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Building an Abstract Landscape

Earlier this year, I had an amazing opportunity to create art quilt panels using a collection of saris from a family's wedding which took place in India. The project is reminiscent of the joyfulness of the joining of families and the vibrancy of the Indian culture. The saris were a mix of fiber types woven into opulent jacquard, damask, dupioni, and iridescent finishes. Having been stored for several years, creating these panels was a brilliant way to bring these memories into a prominent place in the home.

The concept was developed from the owner's vision to have the fabrics represent an abstract landscape, and would be mounted to two 24" x 60" frames. I generated improv-based design options in several color layouts in my illustration software, and from these they chose a version that represented an ocean, desert, mountains, and sunset.

To begin construction, I used a light weight interfacing on all the fabrics to prevent fraying and add stability. I used a layering technique that built the pieces from the bottom up. For each piece I drew a chalk line on the fabric before cutting the curve to ensure the composition would remain balanced.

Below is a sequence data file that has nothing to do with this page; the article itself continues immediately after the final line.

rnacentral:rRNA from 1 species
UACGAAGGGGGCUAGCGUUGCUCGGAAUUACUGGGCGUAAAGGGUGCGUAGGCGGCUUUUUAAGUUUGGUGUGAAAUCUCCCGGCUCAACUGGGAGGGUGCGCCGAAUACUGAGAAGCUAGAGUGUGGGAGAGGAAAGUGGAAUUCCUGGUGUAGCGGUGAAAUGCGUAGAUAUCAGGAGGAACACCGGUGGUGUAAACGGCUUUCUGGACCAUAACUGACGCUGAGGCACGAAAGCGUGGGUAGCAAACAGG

Because I would be gallery framing the pieces on 1-1/4" stretcher bars, each piece finished at ~ 30"W x 68"H to ensure that they would be large enough to wrap.

Once the composition of the tops was complete, I stitched the waves in place. I then layered batting under each top and traced a chalk line indicating the placement of the frame. The pieces were then basted in place before quilting.

Once the pieces were quilted, I trimmed the batting to the chalk lines.

I wanted to ensure that the quilts had a good foundation, so I stretched canvases over the stretcher bars before attaching the quilts.

Even though I interfaced the sari fabric, I was reluctant to staple directly into the quilt tops. I attached a cotton border around the perimeter of the quilts to take the staples. The corners were tricky and I trimmed away some of the border fabric to reduce bulk and make a clean finish.

For me, the process of creating these personal pieces is a wonderful and all-encompassing journey. It begins with making a connection, developing an artistic concept, and then engaging in a technical process. However, once the project approaches the finish line, the connection to the memories and personal nature of the project is fully realized. It is indeed a gift and privilege to work on these projects, and it is always my mission for a quilt, in any form, to bring many years of joy, comfort, and happiness to its owner.



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